Team may be subject to change due to schedules.
DONALD THOMAS, PH.D. – RETIRED ASTRONAUT
Selected by NASA in January 1990, Dr. Thomas became an astronaut in July 1991. Dr. Thomas has served in the Safety, Operations Development, and Payloads Branches of the Astronaut Office. He was CAPCOM (spacecraft communicator) for Shuttle missions STS-47, 52 and 53. From July 1999 to June 2000 he was Director of Operations for NASA at the Gagarin Cosmonaut Training Center in Star City, Russia. A veteran of four space flights, STS-65, STS-70, STS-83 and STS-94, he has logged over 1,040 hours in space as a Mission Specialist.
Michelle Lucas spent 10+ years working at NASA’s Johnson Space Center. First as part of the International Space Station (ISS) Payload Safety Review Panel (PSRP) and then in the Mission Operations Directorate as a Flight Controller in ISS Mission Control and as a Astronaut Instructor in the ISS Daily Operations Group. Additionally she worked with each of the International Partners (European Space Agency – ESA, Japanese Space Agency – JAXA and the Russian Space Agency) in the field of Daily Operations, Flight Controller and Instructor Training. Michelle was part of the Core NASA Extreme Environment Mission Operations (NEEMO) team for 9 missions where astronauts would carry out analog space missions underwater in the Aquarius habitat. Along the way, Michelle found she has a passion for launching the next generation’s dreams and ambitions. Her passion for inspiring students led to extensive work with other organizations in STEM outreach so she founded the non-profit Higher Orbits to use space to excite and inspire students about STEM, Leadership, Teamwork and Communication. Michelle is proud to be a Space Camp Alum and member of the Space Camp Hall of Fame. She believes that collaboration in space and STEM is the key to the stars! Space Inspires!
DR. BEN MALPHRUS
Dr. Benjamin K. Malphrus is Professor of Space Science at Morehead State University where he also directs the University’s Space Science Center. He served as project director of the design and construction of the 13 M Morehead Radio Telescope and more recently the 21 M Space Tracking Antenna operated by the center. He has served on the scientific staff of the National Radio Astronomy Observatory, as visiting scientist at NASA’s Wallops Flight Facility and on the faculty of universities including the University of South Carolina and West Virginia University. He is author of a book on the evolution of instrumentation in radio astronomy. He has initiated and participated in numerous educational initiatives including the development of space science and astrophysics degree programs at Morehead State and the design and construction of a Low Earth Orbiting Satellite.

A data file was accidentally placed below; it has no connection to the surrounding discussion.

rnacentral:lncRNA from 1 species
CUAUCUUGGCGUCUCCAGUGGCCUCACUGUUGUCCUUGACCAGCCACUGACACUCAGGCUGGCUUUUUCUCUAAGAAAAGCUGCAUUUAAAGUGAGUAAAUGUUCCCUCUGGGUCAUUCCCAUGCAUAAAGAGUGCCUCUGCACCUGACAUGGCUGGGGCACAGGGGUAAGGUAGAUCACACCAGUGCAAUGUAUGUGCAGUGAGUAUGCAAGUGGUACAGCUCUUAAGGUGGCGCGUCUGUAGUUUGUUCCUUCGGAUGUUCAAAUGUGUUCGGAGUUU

DR. MICHAEL FULTZ
Dr. Michael Fultz is an Associate Professor of Biology in the Department of Biology and Chemistry at Morehead State University. Dr. Fultz received in B.S. and Masters’ Degree in Biology from Morehead State University and his Ph.D. in Biomedical Sciences from Marshall University. His publications reflect his interest of cytoskeletal remodeling during smooth muscle contraction. His current project, in collaboration with Space Tango Inc. and the Craft Academy for Excellence in Science and Mathematics, investigates the cytoskeleton of smooth muscle cells in a microgravity environment.
Danielle Gibson is a recent graduate of the Craft Academy for Excellence in Science and Mathematics at Morehead State University. During her time at the Academy, Danielle and fellow student, Will Casto, worked with Dr. Fultz, a biology professor at Morehead State University, to design and launch a smooth muscle experiment to the International Space Station. She will be attending Morehead State University as a junior, pursing a Bachelor of Science in Biomedical Sciences and continuing her research inexomedicine.
Twyman Clements serves as the President and CEO of Space Tango. Beginning with the Kentucky Science Technology Corporation, Clements first began his work as an undergraduate student working on a satellite in conjunction with Kentucky Space LLC. He continued to manage the same program with Kentucky Space for four years after earning his masters in Mechanical Engineering from the University of Kentucky. It was then thathe recognized a need in the commercial space market. Four years later, Twyman began to develop the for-profit start-up Space Tango. Twyman is the engineering genius behind manyof Kentucky Space’s Satellites and ISS equipment. Today, he has applied the same skill and knowledge to the development of Tango-Lab1 and CubeLab companions.
Gentry Barnett is the TangoLab Program Manager for Space Tango. In this role, Barnett designs and manages custom research payloads for the Space Tango’s facilities aboard the International Space Station. With the aspiration of expanding advancements in the field of medicine past the boundaries of Earth, she additionally researches and develops various Exomedicine experiments for evaluation within the TangoLab facility. Barnett earned a Bachelor of Science degree in Electrical Engineering and a Master of Science degree in Biomedical Engineering from the University of Kentucky. Prior to her current appointment, she designed injury prevention and rehabilitation devices for the sports medicine and spinal cord injury populations.